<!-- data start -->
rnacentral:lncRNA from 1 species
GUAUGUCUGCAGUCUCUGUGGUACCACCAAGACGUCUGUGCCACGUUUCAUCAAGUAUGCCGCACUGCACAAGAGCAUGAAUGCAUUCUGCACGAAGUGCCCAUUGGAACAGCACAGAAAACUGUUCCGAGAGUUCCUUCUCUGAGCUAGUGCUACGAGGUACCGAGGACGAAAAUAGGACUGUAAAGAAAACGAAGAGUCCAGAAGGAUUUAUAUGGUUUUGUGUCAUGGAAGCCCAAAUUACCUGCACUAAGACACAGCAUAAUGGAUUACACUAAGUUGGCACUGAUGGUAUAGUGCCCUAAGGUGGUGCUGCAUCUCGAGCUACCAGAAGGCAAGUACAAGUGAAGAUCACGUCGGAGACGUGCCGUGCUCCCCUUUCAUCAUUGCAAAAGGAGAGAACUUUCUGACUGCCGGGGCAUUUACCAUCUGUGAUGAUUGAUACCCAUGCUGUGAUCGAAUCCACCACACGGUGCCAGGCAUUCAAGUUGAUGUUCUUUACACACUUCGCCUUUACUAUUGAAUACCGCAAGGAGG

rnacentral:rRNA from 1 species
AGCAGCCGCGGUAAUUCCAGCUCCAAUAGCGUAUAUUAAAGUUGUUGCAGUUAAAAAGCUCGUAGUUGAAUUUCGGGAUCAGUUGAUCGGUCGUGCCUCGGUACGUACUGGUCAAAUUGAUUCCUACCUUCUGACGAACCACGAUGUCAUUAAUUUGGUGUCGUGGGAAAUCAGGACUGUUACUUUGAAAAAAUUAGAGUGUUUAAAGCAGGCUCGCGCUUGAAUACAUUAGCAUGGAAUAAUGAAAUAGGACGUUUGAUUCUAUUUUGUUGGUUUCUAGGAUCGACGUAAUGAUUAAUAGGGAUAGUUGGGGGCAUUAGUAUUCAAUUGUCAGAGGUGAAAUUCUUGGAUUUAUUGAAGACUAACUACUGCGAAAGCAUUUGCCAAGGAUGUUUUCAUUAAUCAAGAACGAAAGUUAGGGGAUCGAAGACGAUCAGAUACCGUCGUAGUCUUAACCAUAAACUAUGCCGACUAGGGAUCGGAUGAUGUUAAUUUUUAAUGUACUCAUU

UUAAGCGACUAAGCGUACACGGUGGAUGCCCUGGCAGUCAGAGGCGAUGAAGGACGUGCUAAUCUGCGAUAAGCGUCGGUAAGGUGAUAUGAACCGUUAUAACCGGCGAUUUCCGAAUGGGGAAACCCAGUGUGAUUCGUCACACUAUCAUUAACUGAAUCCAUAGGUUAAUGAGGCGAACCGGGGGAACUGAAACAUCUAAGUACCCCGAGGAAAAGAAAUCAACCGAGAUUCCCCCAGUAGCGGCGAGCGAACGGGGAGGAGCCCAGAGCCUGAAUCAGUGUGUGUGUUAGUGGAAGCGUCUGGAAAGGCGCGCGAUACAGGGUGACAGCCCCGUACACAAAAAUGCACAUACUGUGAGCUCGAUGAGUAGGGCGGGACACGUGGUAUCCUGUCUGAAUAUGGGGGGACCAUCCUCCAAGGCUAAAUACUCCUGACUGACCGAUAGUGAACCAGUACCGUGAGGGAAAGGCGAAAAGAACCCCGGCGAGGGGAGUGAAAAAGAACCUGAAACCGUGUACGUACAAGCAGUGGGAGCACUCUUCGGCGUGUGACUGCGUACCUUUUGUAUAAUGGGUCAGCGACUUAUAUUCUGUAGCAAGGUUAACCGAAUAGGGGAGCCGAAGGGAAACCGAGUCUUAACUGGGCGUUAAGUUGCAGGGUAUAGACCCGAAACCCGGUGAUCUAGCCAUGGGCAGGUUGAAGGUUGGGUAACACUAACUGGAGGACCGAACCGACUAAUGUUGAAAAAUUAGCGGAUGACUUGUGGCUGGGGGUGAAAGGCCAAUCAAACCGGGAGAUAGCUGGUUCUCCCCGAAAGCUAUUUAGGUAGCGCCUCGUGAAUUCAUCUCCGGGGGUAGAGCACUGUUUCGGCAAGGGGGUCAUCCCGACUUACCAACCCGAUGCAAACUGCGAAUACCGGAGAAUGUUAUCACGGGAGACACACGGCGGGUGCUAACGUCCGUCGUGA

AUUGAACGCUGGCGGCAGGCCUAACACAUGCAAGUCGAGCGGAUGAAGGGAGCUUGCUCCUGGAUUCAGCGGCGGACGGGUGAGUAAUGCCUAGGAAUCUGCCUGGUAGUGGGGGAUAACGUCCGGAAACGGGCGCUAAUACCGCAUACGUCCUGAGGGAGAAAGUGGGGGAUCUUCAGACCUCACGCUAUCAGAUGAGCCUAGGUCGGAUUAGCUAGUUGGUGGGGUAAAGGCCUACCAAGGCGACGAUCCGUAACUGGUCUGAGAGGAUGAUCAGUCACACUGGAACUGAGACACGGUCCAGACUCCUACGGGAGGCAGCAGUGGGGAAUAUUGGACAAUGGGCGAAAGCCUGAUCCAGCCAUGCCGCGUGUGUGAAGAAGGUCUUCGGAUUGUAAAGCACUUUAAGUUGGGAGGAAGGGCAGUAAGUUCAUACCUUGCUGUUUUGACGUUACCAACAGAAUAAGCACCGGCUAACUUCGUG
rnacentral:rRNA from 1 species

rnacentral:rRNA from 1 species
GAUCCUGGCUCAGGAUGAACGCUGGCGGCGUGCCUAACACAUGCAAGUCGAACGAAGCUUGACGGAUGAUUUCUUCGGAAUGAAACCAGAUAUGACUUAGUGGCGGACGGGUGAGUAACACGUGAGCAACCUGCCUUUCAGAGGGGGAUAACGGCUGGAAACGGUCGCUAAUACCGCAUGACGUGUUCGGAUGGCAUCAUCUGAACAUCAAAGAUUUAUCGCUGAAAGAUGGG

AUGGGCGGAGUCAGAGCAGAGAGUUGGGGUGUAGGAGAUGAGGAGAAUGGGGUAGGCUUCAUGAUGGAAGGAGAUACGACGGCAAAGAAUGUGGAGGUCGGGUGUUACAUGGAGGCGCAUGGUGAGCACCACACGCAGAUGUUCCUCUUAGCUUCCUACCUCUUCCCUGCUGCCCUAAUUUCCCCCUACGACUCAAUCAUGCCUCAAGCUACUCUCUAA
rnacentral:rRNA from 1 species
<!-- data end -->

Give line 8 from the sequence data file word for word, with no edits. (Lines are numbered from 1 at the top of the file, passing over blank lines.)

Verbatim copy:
rnacentral:rRNA from 1 species